“I’d invited this young lady over to dinner in my trailer,” Hunley said. “There was a place in the bathroom where the floor was rotted out, but the linoleum still covered it. All of a sudden, I heard this big scream … Anyway, I told Ralph about this when we were in the dressing room. We’d already discussed what we were going to talk about on the show – songs, my current single and all of that.
“Well, first pop out of the box,” Hunley said, “I sat down, and Ralph says, ‘What about that girl in the trailer?’” And as the laughter subsided, Hunley and the Medallion All-Star Band gave a steamy reading of “Since I Fell for You” that brought the room – not for the first or last time – to its feet.
Ray Stevens followed, with a story about an Emery radio contest that involved a chicken and a plane flight to Louisiana and an irresistible rendering of “Everything Is Beautiful.” Wendell then called Emery to the podium for his induction. Speaking with his customary dignity, Emery thanked his wife, Joy, for their 40 years of marriage and then quoted from a spiritual poem of gratitude, written by the late Hall of Fame member Tennessee Ernie Ford, whose final lines – “Almost despite myself, my unspoken prayers were answered / I am, among all men, most richly blessed” – touched something close to the heart of music as well as faith.
To open the next part of the ceremony, Rodney Crowell and Emmylou Harris sang “Some Things Never Get Old,” from Gill’s monumental These Days. Michael McDonald, joined by Gill’s band members Tom Britt, Dawn Sears, Billy Thomas, Pete Wasner and Jeff White, sang “Go Rest High on That Mountain,” his smoky vocal riding the slow gospel roll like a ship sailing home after too long at sea. Guy Clark walked onstage after that to perform “The Randall Knife” with a rugged eloquence that inspired Gill to leap from his seat and embrace his longtime mentor. And Al Anderson rocked Gill’s “Next Big Thing” with an energy that dared listeners not to party.
Introduced by Hall of Famer Whisperin’ Bill Anderson, mixing gentle humor with a profession of love for his wife Amy Grant, Gill confessed to still being surprised at his admission to the Hall. “Maybe it affirms the way I’ve tried to live my life, and that was trying to put everybody else first,” he mused. “I felt that’s the kindest way to live. And I enjoyed every role I was able to play in music. It never mattered if I was on the side; I just wanted to be in the band. I was just dumb enough to sing, and look at what happened.”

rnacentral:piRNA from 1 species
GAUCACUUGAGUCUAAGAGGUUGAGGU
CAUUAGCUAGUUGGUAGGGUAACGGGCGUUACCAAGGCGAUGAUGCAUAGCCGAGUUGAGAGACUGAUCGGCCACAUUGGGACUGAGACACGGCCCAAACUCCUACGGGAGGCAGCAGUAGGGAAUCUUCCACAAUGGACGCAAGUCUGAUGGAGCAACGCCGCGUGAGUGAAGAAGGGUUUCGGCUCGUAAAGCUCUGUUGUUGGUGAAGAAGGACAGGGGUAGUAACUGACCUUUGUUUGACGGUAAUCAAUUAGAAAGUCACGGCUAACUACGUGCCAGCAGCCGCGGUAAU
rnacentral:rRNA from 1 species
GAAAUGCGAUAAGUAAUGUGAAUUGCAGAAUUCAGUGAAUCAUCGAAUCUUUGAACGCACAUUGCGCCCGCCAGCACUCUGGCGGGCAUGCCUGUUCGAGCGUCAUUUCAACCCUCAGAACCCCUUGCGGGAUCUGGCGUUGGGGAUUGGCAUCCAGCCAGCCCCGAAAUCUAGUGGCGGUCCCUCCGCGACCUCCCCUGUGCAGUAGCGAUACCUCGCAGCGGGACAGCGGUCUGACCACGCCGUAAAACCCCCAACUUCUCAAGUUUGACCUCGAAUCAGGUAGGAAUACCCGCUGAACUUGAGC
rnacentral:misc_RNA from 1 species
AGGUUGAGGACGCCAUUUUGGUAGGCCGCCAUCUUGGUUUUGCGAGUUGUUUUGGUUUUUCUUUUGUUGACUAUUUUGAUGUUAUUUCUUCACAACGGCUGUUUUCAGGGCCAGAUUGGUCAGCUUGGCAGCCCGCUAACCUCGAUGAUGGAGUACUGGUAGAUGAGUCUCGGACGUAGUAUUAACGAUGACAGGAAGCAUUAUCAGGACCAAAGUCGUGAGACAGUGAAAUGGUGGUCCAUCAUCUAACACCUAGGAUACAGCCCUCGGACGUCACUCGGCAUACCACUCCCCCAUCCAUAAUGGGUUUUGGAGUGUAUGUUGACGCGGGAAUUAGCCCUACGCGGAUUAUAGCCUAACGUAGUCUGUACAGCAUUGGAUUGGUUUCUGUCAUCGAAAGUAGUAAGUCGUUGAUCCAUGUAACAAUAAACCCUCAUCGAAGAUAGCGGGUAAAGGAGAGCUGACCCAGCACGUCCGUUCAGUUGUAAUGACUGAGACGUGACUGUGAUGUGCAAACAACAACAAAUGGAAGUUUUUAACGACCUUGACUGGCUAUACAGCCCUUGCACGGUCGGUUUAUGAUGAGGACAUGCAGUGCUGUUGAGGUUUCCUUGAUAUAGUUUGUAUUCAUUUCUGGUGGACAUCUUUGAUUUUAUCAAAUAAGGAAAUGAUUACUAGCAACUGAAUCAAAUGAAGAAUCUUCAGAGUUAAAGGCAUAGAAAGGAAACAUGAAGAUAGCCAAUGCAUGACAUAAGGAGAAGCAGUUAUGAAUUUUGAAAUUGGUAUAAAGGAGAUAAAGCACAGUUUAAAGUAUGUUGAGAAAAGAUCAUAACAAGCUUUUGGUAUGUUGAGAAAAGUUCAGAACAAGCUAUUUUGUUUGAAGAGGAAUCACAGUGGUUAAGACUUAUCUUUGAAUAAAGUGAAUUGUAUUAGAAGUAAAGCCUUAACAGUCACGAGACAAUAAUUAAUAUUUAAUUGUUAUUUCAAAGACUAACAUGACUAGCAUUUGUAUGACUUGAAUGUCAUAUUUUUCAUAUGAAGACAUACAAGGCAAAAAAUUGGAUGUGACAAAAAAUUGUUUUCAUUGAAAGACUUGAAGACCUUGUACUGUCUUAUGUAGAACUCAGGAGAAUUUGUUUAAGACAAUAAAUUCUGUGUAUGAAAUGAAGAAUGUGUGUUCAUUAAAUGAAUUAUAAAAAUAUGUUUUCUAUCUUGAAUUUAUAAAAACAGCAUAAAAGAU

He did allow himself a flicker of satisfaction. “As I look around this room, I see so many fellow Hall of Famers,” he began. And then, after stopping for a moment, Gill beamed and said, “That felt … great!”
Tillis’ segment was preceded by Bobby Bare’s familiar yet powerful treatment of “Detroit City.” (“Here’s a song I never get tired of,” the denim-clad singer growled before Brent Mason hit the famous E-string opening lick.) Kenny Rogers then reminded listeners of the meaning behind another Tillis composition, “Ruby,Don’t Take Your Love to Town,” a meditation on the impact of the Vietnam War that still bears relevance. “Mel, I’ll just tell you this,” Rogers summed up. “A lot of people in this world can write great songs. Very few people can write important songs.”
Kenny Rogers performs at the Medallion Ceremony on Oct. 8, 2007, at the Country Music Hall of Fame and Museum in Nashville. Photo: John Russell / CMA
After performing, Rogers yielded the spotlight to Pam Tillis, who allowed that “so much of what I’ve done in my career has been an effort to make my Dad proud.” She performed “Coca Cola Cowboy,” Dierks Bentley followed by tearing through “I Ain’t Never,” and then it was time for Hall of Fame member Little Jimmy Dickens to come forward.
“You folks in our audience here tonight, if you’ve never seen Mel Tillis in concert, you’ve missed a lot,” the Opry legend said. “When he steps on the stage, he upgrades Country Music and the industry that we all love and stand for. Men like this are hard to come by, and I’m proud that Mel Tillis is my friend.”
With that, Dickens presented Tillis with his medallion. The newest member of the Hall spoke, with his impeccable comic timing, about his failure as a stuttering salesman for “Harrie’s Cookies” (“I wouldn’t eat a hairy cookie either,” he said), his appreciation for girlfriend Kathy DeMonaco and the other special people in his life, and finally for “this little angel on my shoulder” who had stayed with him through good and tougher times.
Country Music Hall of Fame members sing “Will the Circle Be Unbroken” at the Medallion Ceremony on Oct. 8, 2007, at the Country Music Hall of Fame and Museum in Nashville. Photo: John Russell / CMA
The inductions concluded with all Hall of Fame members in attendance joining in a performance of “Will the Circle Be Unbroken” and a promise to meet again next year, in harmony with the music that brings this circle together.